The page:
The Mining Law of 1872: Is it Worth Saving?

Interview


Q. Why did you write about the Mining Law of 1872?

Gerard: The Mining Law was the subject of my doctoral dissertation at the University of Illinois. I was interested in environmental issues, and mining has short and long-term environmental implications. I also think that the Mining Law provides excellent examples of how laws and regulations shape incentives of interest groups - for instance, mining firms and environmental groups - as well as for public officials.

Q. What was your view of the Mining Law of 1872 when you started your research?

Gerard: It seemed kind of absurd to me that a contemporary of the Homestead Act was still in place.

Q. What is your view of the Mining Law of 1872 now?

Gerard: That is a really complicated question. Security of property rights is necessary if firms are to commit resources to projects that have long time horizons, and the Mining Law is superior to many other systems in this respect. There is also a complex web of common law and environmental regulations at various levels of government. So the Mining Law is only a part of the system of rules that govern mining on the public lands.

Q. Many environmentalists want to reform the mining law because it doesn't have provisions to protect the environment. What do you think?

Gerard: As environmentalists point out, the Mining Law contains no environmental-protection measures. Of course, mining is subject to federal regulation through laws such as the Clean Air Act, the Clean Water Act, and the National Environmental Policy Act, in addition to administrative regulations from the land-management agencies (BLM and the Forest Service), and state or local regulations. BLM and the Forest Service, and the EPA are responsible for enforcing these regulations.

So criticisms of the environmental protection measures are generally directed at the shortcomings of these laws and the enforcement capacities of these agencies. Many of these criticisms draw on past damage as a reason to implement tougher environmental standards, yet tougher environmental standards have been enacted. For instance, firms were not required to reclaim sites on BLM lands until 1981, so it is not surprising that there are abandoned mining operations on BLM land. A more appropriate question would be to ask whether firms subject to these 1981 requirements have, in fact, successfully reclaimed their operations.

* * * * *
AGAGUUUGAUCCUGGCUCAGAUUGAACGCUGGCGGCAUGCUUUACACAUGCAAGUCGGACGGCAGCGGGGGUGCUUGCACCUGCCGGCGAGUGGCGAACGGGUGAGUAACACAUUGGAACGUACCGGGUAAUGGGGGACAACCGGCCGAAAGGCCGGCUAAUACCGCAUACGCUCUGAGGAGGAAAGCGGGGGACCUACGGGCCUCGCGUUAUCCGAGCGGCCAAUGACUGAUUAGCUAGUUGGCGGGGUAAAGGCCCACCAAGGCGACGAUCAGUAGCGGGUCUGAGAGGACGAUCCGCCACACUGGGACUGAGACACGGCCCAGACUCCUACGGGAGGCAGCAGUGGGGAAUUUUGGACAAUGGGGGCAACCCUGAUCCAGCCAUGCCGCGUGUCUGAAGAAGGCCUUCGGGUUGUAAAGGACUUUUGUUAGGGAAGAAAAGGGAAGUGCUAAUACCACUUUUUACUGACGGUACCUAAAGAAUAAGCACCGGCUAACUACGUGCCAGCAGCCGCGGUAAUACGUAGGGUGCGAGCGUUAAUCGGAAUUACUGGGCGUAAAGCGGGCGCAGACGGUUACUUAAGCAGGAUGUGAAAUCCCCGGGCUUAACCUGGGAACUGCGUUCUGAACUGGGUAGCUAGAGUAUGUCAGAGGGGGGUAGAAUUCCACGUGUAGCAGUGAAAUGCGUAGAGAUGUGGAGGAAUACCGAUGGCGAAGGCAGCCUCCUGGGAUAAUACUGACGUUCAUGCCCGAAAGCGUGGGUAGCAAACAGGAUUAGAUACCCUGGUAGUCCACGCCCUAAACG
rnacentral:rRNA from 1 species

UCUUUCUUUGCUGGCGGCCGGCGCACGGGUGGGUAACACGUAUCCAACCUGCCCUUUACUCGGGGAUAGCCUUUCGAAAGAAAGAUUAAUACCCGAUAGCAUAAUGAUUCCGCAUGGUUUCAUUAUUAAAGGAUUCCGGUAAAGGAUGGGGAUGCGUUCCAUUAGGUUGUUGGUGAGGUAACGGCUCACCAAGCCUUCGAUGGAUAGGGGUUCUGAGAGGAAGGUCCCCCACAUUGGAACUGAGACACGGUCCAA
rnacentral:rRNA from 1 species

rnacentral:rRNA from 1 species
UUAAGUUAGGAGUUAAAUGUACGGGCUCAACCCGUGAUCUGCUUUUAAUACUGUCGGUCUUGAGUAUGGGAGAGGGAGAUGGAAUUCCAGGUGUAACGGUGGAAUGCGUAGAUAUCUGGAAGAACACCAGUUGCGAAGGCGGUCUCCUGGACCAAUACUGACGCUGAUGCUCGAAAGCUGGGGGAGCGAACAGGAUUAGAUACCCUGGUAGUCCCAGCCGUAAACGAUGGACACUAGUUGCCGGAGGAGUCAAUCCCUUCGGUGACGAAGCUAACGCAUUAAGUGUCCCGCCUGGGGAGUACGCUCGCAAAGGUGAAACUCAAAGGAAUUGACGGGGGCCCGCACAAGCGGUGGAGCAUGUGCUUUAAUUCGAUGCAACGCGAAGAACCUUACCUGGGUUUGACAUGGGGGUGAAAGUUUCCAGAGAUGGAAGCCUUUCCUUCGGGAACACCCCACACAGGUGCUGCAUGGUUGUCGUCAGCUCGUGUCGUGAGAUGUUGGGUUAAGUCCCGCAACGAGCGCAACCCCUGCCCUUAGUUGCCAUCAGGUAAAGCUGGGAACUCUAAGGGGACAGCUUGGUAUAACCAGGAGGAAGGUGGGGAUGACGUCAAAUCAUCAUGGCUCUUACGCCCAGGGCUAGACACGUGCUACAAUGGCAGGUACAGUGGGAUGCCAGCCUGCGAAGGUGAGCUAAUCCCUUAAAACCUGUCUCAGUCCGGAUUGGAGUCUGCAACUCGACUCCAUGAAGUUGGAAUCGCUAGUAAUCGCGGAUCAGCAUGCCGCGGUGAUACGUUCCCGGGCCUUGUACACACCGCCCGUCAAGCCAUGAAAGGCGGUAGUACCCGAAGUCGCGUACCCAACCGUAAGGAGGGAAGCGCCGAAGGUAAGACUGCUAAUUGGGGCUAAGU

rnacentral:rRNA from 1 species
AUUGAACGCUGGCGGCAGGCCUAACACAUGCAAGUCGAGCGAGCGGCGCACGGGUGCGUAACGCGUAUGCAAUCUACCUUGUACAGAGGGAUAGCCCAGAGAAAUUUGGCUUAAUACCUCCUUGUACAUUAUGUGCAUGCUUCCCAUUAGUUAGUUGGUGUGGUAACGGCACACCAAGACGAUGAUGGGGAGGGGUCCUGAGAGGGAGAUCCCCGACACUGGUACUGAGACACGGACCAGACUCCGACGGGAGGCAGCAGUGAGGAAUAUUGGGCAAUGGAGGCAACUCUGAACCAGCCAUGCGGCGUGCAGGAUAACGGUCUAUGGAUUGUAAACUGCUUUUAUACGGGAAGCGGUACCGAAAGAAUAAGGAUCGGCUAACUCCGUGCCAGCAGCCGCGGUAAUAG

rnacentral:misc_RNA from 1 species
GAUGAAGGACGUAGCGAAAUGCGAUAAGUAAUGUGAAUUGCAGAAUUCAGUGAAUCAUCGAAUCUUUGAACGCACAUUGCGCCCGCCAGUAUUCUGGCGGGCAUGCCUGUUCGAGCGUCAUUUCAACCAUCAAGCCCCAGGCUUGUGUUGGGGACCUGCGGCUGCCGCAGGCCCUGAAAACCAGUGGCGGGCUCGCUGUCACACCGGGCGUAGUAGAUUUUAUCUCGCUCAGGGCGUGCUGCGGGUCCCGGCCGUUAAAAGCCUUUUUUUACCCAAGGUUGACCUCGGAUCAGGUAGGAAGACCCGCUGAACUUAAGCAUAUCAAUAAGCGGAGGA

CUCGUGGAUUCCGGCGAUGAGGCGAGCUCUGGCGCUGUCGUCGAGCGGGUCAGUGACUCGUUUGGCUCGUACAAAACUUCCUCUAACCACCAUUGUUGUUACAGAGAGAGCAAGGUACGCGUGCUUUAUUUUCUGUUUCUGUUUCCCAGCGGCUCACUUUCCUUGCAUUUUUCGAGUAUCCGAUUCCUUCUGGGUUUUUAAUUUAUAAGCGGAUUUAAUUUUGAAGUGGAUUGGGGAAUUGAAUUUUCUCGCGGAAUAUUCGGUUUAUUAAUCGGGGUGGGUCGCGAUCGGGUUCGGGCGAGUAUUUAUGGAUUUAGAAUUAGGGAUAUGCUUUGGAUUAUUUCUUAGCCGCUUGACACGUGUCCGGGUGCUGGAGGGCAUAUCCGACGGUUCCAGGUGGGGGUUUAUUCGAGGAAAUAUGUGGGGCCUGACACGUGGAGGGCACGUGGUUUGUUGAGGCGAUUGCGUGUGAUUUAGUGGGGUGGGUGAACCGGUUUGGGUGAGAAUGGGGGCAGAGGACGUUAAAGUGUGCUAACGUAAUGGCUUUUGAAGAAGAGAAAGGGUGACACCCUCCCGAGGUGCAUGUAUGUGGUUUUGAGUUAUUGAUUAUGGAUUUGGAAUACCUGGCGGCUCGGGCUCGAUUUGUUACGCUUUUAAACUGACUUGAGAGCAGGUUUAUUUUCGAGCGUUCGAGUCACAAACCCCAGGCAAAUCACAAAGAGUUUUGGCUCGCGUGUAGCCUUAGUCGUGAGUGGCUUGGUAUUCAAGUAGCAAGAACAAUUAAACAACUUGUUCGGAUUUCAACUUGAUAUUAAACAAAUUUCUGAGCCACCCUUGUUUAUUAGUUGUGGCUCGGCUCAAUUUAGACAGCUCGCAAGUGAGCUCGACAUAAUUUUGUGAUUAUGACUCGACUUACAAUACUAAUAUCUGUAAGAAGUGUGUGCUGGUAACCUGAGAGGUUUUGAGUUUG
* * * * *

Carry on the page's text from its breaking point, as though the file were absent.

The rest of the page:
Others have argued that the current structure often provides disincentives to clean up old sites. This is clearly an area where reform advocates should look if their goal is to promote a cleaner environment.

Q. Many others think that the law is bad because we are virtually giving away our public land. What do you think?

Gerard: There are two issues here. The first is that firms can acquire outright title to federal land at prices that Congress established in 1872. This turns out to be a pretty good deal for those who can acquire the land, and the current secretary of interior likes to showcase these incidents. For instance, in 1993 American Barrick paid $10 thousand for federal land in Nevada containing $10 billion worth of gold. This, of course, was an exceptional case. In general, individuals and firms that look for minerals don't find anything, and never acquire title to the land. Today there are more than 300,000 claims on federal land in the West, and my guess is that most of these will never be profitably mined. In fact, the land American Barrick acquired may well have been worth just about $10 thousand if the company had not gone through the trouble to find the gold and develop a means to extract and process it. Overall, there are more than a billion acres of land in the western states and Alaska, and only about four million acres of those have been privatized under the provisions of the Mining Law. That much acreage changed hands under the Homestead Act in 1890 alone.

The second issue is that firms do not have to pay federal royalty taxes, whereas almost all federal, state, and local agreements require some form of royalty. I really don't have any thoughts on what the "appropriate" level of such a royalty would be. It is important to note that there will be less domestic mineral exploration and development when a royalty is enacted.

Q. Do you see some places where the law could be reformed?

Gerard: I think there are some places where the system can and will be changed. As I mentioned, it would be a fairly straightforward enterprise to levy a royalty and raise the price of land title. I also think that we should think about how current environmental regulations affect incentives of state agencies and the mining industry before we look to add another layer atop this structure. Such changes would not affect how mineral rights are transferred from public ownership into private hands.

David Gerard received his Ph.D. in economics at the University of Illinois at Urbana-Champaign. The PERC Policy Series "The Mining Law of 1872: Digging a Little Deeper" is based on his dissertation

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